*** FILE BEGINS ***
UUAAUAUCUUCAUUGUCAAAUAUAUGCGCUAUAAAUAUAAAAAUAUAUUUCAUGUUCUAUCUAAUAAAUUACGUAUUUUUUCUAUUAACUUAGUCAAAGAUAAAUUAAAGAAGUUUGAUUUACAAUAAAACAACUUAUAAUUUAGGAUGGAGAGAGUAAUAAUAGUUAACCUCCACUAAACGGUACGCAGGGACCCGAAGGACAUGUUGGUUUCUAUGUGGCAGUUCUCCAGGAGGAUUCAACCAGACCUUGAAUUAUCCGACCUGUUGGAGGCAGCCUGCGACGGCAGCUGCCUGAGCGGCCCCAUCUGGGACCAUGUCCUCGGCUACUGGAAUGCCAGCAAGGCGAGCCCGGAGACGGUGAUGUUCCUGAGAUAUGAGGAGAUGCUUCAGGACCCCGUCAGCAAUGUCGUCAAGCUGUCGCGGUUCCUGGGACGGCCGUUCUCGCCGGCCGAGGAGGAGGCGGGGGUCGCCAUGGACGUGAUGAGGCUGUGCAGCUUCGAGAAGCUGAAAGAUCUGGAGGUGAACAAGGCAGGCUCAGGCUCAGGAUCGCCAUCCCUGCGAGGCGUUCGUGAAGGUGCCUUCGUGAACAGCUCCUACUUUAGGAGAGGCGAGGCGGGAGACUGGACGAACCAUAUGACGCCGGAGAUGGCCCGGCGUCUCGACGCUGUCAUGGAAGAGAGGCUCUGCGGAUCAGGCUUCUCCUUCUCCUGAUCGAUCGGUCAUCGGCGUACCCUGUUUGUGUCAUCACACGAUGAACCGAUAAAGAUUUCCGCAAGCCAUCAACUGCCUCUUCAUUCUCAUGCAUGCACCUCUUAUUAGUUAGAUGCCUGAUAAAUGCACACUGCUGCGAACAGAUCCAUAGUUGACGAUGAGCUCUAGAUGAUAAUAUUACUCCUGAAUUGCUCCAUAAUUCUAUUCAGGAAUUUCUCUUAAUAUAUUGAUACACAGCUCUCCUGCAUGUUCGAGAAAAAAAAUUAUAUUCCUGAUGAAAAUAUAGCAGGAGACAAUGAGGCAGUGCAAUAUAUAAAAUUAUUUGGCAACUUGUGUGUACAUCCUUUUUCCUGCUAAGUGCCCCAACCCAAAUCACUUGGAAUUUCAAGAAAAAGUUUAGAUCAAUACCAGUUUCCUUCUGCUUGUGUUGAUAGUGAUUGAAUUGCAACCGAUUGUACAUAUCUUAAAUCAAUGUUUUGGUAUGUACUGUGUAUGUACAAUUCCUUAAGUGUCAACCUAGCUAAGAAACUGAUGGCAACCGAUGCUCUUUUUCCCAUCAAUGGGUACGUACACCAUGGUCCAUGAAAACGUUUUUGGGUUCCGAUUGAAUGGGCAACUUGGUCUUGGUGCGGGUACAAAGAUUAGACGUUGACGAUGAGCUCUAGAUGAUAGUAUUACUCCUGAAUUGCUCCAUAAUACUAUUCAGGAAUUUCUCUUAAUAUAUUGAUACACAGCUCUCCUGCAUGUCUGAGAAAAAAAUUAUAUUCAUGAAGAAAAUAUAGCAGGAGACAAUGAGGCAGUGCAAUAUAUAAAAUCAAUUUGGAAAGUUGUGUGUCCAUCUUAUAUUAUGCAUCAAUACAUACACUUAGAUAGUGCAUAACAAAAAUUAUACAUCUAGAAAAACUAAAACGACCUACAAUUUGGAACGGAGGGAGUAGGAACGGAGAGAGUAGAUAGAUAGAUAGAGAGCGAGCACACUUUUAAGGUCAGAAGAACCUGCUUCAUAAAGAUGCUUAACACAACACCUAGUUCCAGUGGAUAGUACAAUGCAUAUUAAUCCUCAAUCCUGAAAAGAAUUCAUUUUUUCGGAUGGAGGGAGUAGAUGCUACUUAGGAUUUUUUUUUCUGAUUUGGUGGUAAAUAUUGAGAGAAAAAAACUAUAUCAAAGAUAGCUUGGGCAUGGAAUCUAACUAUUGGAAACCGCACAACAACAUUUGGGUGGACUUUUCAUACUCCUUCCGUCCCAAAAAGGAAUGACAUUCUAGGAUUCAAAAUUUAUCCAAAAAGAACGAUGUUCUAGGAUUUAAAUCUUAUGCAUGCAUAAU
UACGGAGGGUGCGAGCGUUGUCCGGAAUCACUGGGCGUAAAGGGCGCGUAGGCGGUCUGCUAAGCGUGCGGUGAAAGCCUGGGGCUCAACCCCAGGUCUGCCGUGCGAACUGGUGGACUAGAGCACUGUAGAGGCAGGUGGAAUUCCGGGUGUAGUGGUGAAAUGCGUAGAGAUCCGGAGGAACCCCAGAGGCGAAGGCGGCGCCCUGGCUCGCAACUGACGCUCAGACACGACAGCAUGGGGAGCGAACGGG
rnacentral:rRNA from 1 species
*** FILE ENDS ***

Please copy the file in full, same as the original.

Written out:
UUAAUAUCUUCAUUGUCAAAUAUAUGCGCUAUAAAUAUAAAAAUAUAUUUCAUGUUCUAUCUAAUAAAUUACGUAUUUUUUCUAUUAACUUAGUCAAAGAUAAAUUAAAGAAGUUUGAUUUACAAUAAAACAACUUAUAAUUUAGGAUGGAGAGAGUAAUAAUAGUUAACCUCCACUAAACGGUACGCAGGGACCCGAAGGACAUGUUGGUUUCUAUGUGGCAGUUCUCCAGGAGGAUUCAACCAGACCUUGAAUUAUCCGACCUGUUGGAGGCAGCCUGCGACGGCAGCUGCCUGAGCGGCCCCAUCUGGGACCAUGUCCUCGGCUACUGGAAUGCCAGCAAGGCGAGCCCGGAGACGGUGAUGUUCCUGAGAUAUGAGGAGAUGCUUCAGGACCCCGUCAGCAAUGUCGUCAAGCUGUCGCGGUUCCUGGGACGGCCGUUCUCGCCGGCCGAGGAGGAGGCGGGGGUCGCCAUGGACGUGAUGAGGCUGUGCAGCUUCGAGAAGCUGAAAGAUCUGGAGGUGAACAAGGCAGGCUCAGGCUCAGGAUCGCCAUCCCUGCGAGGCGUUCGUGAAGGUGCCUUCGUGAACAGCUCCUACUUUAGGAGAGGCGAGGCGGGAGACUGGACGAACCAUAUGACGCCGGAGAUGGCCCGGCGUCUCGACGCUGUCAUGGAAGAGAGGCUCUGCGGAUCAGGCUUCUCCUUCUCCUGAUCGAUCGGUCAUCGGCGUACCCUGUUUGUGUCAUCACACGAUGAACCGAUAAAGAUUUCCGCAAGCCAUCAACUGCCUCUUCAUUCUCAUGCAUGCACCUCUUAUUAGUUAGAUGCCUGAUAAAUGCACACUGCUGCGAACAGAUCCAUAGUUGACGAUGAGCUCUAGAUGAUAAUAUUACUCCUGAAUUGCUCCAUAAUUCUAUUCAGGAAUUUCUCUUAAUAUAUUGAUACACAGCUCUCCUGCAUGUUCGAGAAAAAAAAUUAUAUUCCUGAUGAAAAUAUAGCAGGAGACAAUGAGGCAGUGCAAUAUAUAAAAUUAUUUGGCAACUUGUGUGUACAUCCUUUUUCCUGCUAAGUGCCCCAACCCAAAUCACUUGGAAUUUCAAGAAAAAGUUUAGAUCAAUACCAGUUUCCUUCUGCUUGUGUUGAUAGUGAUUGAAUUGCAACCGAUUGUACAUAUCUUAAAUCAAUGUUUUGGUAUGUACUGUGUAUGUACAAUUCCUUAAGUGUCAACCUAGCUAAGAAACUGAUGGCAACCGAUGCUCUUUUUCCCAUCAAUGGGUACGUACACCAUGGUCCAUGAAAACGUUUUUGGGUUCCGAUUGAAUGGGCAACUUGGUCUUGGUGCGGGUACAAAGAUUAGACGUUGACGAUGAGCUCUAGAUGAUAGUAUUACUCCUGAAUUGCUCCAUAAUACUAUUCAGGAAUUUCUCUUAAUAUAUUGAUACACAGCUCUCCUGCAUGUCUGAGAAAAAAAUUAUAUUCAUGAAGAAAAUAUAGCAGGAGACAAUGAGGCAGUGCAAUAUAUAAAAUCAAUUUGGAAAGUUGUGUGUCCAUCUUAUAUUAUGCAUCAAUACAUACACUUAGAUAGUGCAUAACAAAAAUUAUACAUCUAGAAAAACUAAAACGACCUACAAUUUGGAACGGAGGGAGUAGGAACGGAGAGAGUAGAUAGAUAGAUAGAGAGCGAGCACACUUUUAAGGUCAGAAGAACCUGCUUCAUAAAGAUGCUUAACACAACACCUAGUUCCAGUGGAUAGUACAAUGCAUAUUAAUCCUCAAUCCUGAAAAGAAUUCAUUUUUUCGGAUGGAGGGAGUAGAUGCUACUUAGGAUUUUUUUUUCUGAUUUGGUGGUAAAUAUUGAGAGAAAAAAACUAUAUCAAAGAUAGCUUGGGCAUGGAAUCUAACUAUUGGAAACCGCACAACAACAUUUGGGUGGACUUUUCAUACUCCUUCCGUCCCAAAAAGGAAUGACAUUCUAGGAUUCAAAAUUUAUCCAAAAAGAACGAUGUUCUAGGAUUUAAAUCUUAUGCAUGCAUAAU
UACGGAGGGUGCGAGCGUUGUCCGGAAUCACUGGGCGUAAAGGGCGCGUAGGCGGUCUGCUAAGCGUGCGGUGAAAGCCUGGGGCUCAACCCCAGGUCUGCCGUGCGAACUGGUGGACUAGAGCACUGUAGAGGCAGGUGGAAUUCCGGGUGUAGUGGUGAAAUGCGUAGAGAUCCGGAGGAACCCCAGAGGCGAAGGCGGCGCCCUGGCUCGCAACUGACGCUCAGACACGACAGCAUGGGGAGCGAACGGG
rnacentral:rRNA from 1 species